As House makes what could be its final rounds on television, series creator David Shore is determined to get the heart of the show beating again. That means putting the focus back on the weekly medical cases and, more importantly, Dr. Crankypants himself. But first, there’s fallout from events both onscreen (carmageddon) and off (farewell, Lisa Edelstein) that must be dealt with. In the following Q&A, Shore reveals why he’s sending House directly to jail, previews the new blood coming to Princeton-Plainsboro, and answers the question that’s been bugging me since May: Will Cuddy check back in before House checks out for good.
TVLINE | Word has leaked [via TVLine] that you will be replacing the now-vacant Dean of Medicine post with a character familiar to House fans, as opposed to foisting someone new on the audience. Is this your way of acknowledging that those are some mighty big shoes to fill?
It is. We had a very interesting hiatus. It was not our plan [to lose Lisa]. It is not what we had in our mind. Certain stuff got thrust upon us that I was not pleased with. But we sat down in the writers room and dealt with the challenges we’d been presented with and I think came up with a really interesting way to go into this season, and it’s turned out to be very exciting. The [Dean position] is a tricky role, and it has been since Day One. Lisa did a fantastic job with it and we didn’t want to simply recreate that. And we didn’t want to simply come up with a Colonel Klink. [Laughs] There was a nice balance to that character, so we decided to [go with someone in House’s orbit] instead of trying to recreate Cuddy and put [an actor or actress] in the unenviable position of being compared to her, which will happen anyway. This allows us to put a character the audience has seen before in a new situation and to have House judge them on that. It changes the whole dynamic between the characters.
TVLINE | Was it always your plan to start the season off with House in prison?
No. It was certainly one of the possibilities, but it hadn’t been defined initially.
TVLINE | Did the strong reaction from fans following the finale — specifically that House needed to pay for his actions — play into your decision?
We recognized the truth of aspects of that. [Laughs] I feel strongly that House was not trying to kill anybody. It was certainly an act of violence. And it was certainly an irresponsible act. But I do feel strongly that he was not trying to kill anybody. He was acting out in a violent way, which is not a responsible action. And we feel strongly on the show that actions have consequences. And House has to pay a price. We also wanted to play with the notion of how much does he feel a sense of responsibility [over what happened]. He would never admit it but it’s there.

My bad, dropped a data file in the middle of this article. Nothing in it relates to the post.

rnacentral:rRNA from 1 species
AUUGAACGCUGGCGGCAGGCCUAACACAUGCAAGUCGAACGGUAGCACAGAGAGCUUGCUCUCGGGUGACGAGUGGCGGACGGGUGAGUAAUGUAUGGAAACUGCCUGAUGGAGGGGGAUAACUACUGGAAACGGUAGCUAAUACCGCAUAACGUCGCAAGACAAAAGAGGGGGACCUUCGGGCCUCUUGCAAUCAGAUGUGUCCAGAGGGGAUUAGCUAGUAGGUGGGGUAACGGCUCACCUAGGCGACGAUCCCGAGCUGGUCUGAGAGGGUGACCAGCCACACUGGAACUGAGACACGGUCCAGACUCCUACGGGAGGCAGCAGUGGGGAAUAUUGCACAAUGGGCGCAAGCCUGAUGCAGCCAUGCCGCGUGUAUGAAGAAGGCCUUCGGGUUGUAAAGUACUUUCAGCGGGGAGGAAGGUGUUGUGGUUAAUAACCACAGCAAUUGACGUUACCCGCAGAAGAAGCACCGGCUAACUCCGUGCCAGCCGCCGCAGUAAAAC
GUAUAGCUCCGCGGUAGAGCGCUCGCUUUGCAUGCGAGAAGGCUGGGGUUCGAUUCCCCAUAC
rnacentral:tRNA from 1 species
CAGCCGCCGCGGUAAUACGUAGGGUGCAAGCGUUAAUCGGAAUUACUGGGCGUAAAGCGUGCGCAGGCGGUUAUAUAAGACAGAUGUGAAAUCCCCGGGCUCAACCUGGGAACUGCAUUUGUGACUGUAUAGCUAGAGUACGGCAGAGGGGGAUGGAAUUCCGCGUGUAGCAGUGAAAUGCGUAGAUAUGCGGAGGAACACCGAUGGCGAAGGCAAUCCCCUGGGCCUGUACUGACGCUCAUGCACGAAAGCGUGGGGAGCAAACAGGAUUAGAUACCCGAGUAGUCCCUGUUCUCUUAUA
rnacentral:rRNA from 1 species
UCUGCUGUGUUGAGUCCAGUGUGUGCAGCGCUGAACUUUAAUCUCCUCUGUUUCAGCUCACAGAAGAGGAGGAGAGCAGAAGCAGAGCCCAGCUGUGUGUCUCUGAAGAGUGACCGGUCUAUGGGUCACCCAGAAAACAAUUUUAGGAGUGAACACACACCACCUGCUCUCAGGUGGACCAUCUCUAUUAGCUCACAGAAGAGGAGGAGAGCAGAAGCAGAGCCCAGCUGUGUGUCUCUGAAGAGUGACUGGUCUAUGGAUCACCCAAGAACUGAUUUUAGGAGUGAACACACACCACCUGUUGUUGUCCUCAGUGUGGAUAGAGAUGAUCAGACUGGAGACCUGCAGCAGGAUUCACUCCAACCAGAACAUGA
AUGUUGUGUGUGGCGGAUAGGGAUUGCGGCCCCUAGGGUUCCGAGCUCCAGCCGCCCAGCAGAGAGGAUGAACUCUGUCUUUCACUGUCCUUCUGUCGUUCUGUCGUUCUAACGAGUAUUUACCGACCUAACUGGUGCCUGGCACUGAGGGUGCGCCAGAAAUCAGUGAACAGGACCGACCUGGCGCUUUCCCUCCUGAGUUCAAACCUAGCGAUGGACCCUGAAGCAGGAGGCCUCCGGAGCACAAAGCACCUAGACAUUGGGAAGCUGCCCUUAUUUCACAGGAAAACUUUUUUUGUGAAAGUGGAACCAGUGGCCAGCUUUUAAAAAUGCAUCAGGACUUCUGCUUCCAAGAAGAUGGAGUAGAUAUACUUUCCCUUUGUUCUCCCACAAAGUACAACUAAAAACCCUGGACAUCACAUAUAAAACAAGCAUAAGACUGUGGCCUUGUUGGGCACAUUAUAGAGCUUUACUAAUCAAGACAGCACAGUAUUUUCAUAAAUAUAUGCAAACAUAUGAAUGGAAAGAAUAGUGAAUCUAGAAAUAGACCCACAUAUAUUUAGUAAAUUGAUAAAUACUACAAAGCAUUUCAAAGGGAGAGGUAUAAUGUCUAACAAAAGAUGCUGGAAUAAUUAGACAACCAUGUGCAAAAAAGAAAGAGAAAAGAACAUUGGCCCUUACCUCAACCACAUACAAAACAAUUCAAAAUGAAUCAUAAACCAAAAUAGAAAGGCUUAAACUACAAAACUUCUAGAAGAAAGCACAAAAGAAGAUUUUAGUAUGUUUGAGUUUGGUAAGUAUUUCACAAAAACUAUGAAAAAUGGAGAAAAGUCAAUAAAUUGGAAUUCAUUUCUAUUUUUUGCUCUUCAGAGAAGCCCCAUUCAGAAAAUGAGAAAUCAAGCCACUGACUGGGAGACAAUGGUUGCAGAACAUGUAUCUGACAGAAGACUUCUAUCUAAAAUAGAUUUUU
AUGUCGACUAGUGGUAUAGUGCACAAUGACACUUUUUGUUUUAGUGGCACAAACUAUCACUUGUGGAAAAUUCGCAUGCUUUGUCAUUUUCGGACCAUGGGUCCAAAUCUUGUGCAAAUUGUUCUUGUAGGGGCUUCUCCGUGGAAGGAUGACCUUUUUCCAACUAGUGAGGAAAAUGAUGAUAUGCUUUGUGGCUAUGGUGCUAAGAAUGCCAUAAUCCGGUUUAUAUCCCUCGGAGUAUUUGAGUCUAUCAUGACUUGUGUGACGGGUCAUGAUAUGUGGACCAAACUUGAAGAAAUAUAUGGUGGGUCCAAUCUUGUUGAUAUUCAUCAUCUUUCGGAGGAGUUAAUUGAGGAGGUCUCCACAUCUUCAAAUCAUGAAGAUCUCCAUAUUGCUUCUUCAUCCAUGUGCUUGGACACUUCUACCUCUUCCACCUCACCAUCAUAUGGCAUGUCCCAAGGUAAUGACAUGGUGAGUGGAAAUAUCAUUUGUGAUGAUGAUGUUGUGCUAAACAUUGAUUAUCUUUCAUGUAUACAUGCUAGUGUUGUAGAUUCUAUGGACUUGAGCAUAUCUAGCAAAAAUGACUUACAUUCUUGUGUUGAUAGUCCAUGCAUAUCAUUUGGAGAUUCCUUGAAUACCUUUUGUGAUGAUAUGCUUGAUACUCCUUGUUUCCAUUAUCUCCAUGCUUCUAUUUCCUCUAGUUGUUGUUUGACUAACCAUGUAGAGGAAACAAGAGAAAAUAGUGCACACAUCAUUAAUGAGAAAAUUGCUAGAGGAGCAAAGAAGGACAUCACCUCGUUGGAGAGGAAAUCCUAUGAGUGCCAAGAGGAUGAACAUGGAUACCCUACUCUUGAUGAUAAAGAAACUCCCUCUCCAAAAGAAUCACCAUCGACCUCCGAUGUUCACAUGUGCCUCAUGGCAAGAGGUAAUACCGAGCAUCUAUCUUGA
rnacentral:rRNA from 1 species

TVLINE | How much time will he spend behind bars?
Quite a bit. It’s months, not days.
TVLINE | But in terms of actual episodes…
Not a lot. Season 8 is going to start months after Season 7 ended. And we want to get back to the core of our show. Our show isn’t about House in prison. He should be in prison. [Laughs] But the show isn’t about that. So we want to get back to the core values of our show as soon as possible, but obviously with a slightly different set-up.
TVLINE | Do you think the show diverted from those core values last season with all the House-Cuddy relationship stuff?
We had to go down that road and I’m proud of the way we went down that road, [even though] it was polarizing to some extent. But the stuff that I’ve always loved about the show is the House character and how he reacts, not particularly to romance, but to deeper life and death issues and issues of right and wrong and questions of how to live a good, moral life. And how he reacts to the [patients] who are brought in each week and to the regulars. Getting back to the fundamentals of these medical cases and these character cases. It’s not so much about the medicine; it’s about the characters.
TVLINE | Speaking of the characters, I’m intrigued by the casting of Charlyne Yi. That was a surprising choice to say the least.
That was a big part of [why we hired her]. We saw some of her standup and she is a quirky, interesting individual — and yet real and sympathetic. And we had been thinking of [introducing] a character who comes from a bit of an Old World background, and she seemed perfect for it.
TVLINE | I’m guessing the arrival of both Yi and fellow newbie Odette Annable means Olivia Wilde won’t be around much this season. How many episodes will she be in?
Not a lot unfortunately. She’s a movie star.
TVLINE | Are we talking one or two episodes?
Something like that. I don’t want to get too specific but I also don’t want to mislead people. I regret losing her, but, again, this was not our choice. Things happened at the end of last season that I wasn’t happy about and I hadn’t planned for. But I want to say we’re very happy with [the coming season]. This has turned out to be a real opportunity. We’re really doing some cool stuff at the start of the season and it’s pumped some fresh blood into the show — not that we needed it.
TVLINE | Were you able to bring closure to the Huddy storyline?
Simply the passage of time serves as that. There’s closure in the sense that there’s fallout.
TVLINE | Are you approaching this season as if it’s the last?
I am not at this point. Fox wants another season. I think enough of our fans want another season. [Universal Media Studios] wants another season. It may well be [the final season]. And we will know earlier rather then later because I want to do [the ending] right.
TVLINE | Would you want Lisa back for the series finale?
I would love for that to happen.
TVLINE | Do you feel like it’s a realistic possibility?
I honestly don’t know.